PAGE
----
NOBODY could accuse health minister Giorgos Pamboridis of being afraid to speak out. He has been doing little else since his appointment, but with good reason. Introducing a national health scheme (Gesy) that would offer universal healthcare cover was never going to be an easy job, because it would affect the financial interests of many groups. These groups, with the support of some political parties, have been doing everything they could either to block its introduction or delay it for as long as possible.
Change is always opposed by those that have something to lose, and they would resort to all types of schemes in order to maintain the status quo (great similarities with the Cyprus settlement). In the case of Gesy, insurance companies and doctors with private practices, have made no secret of their opposition, the former recruiting the support of the employers’ federation OEV to push their case. Before them, hospital nurses threatened blocking the introduction of Gesy if they did not receive pay rises and hospital doctors followed suit.
This is how things work in Cyprus. The concept of public spirit is unheard of. Nurses and doctors’ unions, immediately seized the chance to increase their earnings, rather than try to see how they could help the introduction of Gesy that would benefit all members of society. All hospital workers followed this appalling example of selfishness. At least they secured a cash windfall within Gesy, which is in contrast with private doctors and insurance companies, whose financial interests would be best served by not having a scheme.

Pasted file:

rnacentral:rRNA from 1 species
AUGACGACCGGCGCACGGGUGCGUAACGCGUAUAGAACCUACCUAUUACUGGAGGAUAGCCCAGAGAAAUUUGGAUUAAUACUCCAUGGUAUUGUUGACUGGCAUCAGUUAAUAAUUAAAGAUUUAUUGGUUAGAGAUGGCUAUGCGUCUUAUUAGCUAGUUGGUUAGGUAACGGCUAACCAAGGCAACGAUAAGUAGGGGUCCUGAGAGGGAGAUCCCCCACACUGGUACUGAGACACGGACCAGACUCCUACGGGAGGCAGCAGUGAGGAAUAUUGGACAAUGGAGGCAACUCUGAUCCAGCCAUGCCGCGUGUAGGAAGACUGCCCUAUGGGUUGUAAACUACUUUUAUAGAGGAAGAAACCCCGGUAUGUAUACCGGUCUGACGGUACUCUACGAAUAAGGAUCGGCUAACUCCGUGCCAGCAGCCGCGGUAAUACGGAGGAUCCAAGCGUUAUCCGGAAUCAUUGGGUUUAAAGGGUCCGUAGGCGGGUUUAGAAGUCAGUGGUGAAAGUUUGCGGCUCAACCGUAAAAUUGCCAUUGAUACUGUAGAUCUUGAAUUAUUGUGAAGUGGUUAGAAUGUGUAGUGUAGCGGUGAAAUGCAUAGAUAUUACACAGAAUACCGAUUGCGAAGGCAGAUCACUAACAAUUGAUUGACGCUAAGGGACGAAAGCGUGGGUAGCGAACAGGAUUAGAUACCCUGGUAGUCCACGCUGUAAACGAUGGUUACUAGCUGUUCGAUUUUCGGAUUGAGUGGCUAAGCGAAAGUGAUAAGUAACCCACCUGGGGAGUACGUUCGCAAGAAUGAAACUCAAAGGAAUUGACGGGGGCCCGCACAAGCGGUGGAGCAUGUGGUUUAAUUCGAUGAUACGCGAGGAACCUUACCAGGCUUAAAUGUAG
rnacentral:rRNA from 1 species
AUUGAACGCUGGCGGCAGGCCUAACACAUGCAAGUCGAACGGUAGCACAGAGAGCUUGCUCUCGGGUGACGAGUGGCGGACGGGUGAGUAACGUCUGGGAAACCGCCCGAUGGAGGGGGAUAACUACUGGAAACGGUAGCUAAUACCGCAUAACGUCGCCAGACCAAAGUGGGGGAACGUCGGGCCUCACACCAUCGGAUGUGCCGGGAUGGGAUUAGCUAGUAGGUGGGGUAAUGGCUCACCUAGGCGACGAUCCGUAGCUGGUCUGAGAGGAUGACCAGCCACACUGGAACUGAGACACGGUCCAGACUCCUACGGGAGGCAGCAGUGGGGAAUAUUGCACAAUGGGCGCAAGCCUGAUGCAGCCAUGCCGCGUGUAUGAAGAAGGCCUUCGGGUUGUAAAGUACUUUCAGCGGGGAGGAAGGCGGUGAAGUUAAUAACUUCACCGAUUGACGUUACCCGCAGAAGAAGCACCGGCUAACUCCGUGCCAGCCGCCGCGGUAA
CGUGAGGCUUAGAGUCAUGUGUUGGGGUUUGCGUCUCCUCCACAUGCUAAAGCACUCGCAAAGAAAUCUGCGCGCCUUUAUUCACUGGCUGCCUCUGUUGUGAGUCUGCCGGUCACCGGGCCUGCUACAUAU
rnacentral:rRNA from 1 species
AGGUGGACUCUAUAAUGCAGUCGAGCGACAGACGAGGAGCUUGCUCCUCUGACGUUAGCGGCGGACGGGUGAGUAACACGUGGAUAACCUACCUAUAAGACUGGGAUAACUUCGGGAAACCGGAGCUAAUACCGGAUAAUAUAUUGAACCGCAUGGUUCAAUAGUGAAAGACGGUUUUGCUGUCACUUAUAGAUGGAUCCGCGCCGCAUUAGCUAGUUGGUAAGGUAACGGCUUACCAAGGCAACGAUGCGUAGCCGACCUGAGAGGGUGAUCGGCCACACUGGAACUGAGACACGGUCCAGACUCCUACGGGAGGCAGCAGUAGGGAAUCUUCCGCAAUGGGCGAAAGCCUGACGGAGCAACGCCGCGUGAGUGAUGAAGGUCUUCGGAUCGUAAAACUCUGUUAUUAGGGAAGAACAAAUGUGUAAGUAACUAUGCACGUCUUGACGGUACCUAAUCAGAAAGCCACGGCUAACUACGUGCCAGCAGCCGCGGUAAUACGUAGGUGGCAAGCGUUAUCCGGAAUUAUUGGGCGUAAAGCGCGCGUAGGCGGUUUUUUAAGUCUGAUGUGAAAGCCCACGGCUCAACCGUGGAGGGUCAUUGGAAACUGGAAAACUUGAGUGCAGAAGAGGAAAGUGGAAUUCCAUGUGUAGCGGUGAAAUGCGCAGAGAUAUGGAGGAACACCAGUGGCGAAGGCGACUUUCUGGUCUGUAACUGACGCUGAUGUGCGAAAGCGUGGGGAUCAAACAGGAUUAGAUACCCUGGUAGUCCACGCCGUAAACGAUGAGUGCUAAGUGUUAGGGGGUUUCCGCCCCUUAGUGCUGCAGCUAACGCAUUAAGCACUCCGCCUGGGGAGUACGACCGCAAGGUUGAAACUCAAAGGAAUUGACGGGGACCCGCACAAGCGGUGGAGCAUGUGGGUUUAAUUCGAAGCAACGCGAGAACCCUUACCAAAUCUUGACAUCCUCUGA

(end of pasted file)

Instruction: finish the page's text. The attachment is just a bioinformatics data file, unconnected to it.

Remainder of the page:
It is against these groups, which allegedly found party leaders to help them prevent the implementation of Gesy that Giorgos Pamboridis has been railing through his Twitter account. He saw “in progress the last-gasp attempt of the establishment to cancel Gesy. They are looking for a political leader for the role of Judas.” Reports claimed he was referring to Nicolas Papadopoulos, others to Marinos Sizopoulos, but both denied they were involved in attempts to scupper Gesy, the former accusing Disy of being behind this plot.
We do not know whether Pamboridis’ public accusations (he avoided naming anyone) were part of a strategy or an outburst of his frustration. Whatever it was, it worked very well as it put all the party leaders on the defensive, publicly pledging their commitment to the introduction of Gesy and denying they would do anything to prevent the approval of the bills for the autonomy of the hospitals, scheduled for the vote next Friday. Pamboridis’ pre-emptive strike, regardless of whether he meant it as such, has worked because no party would now dare tamper with the Gesy bills.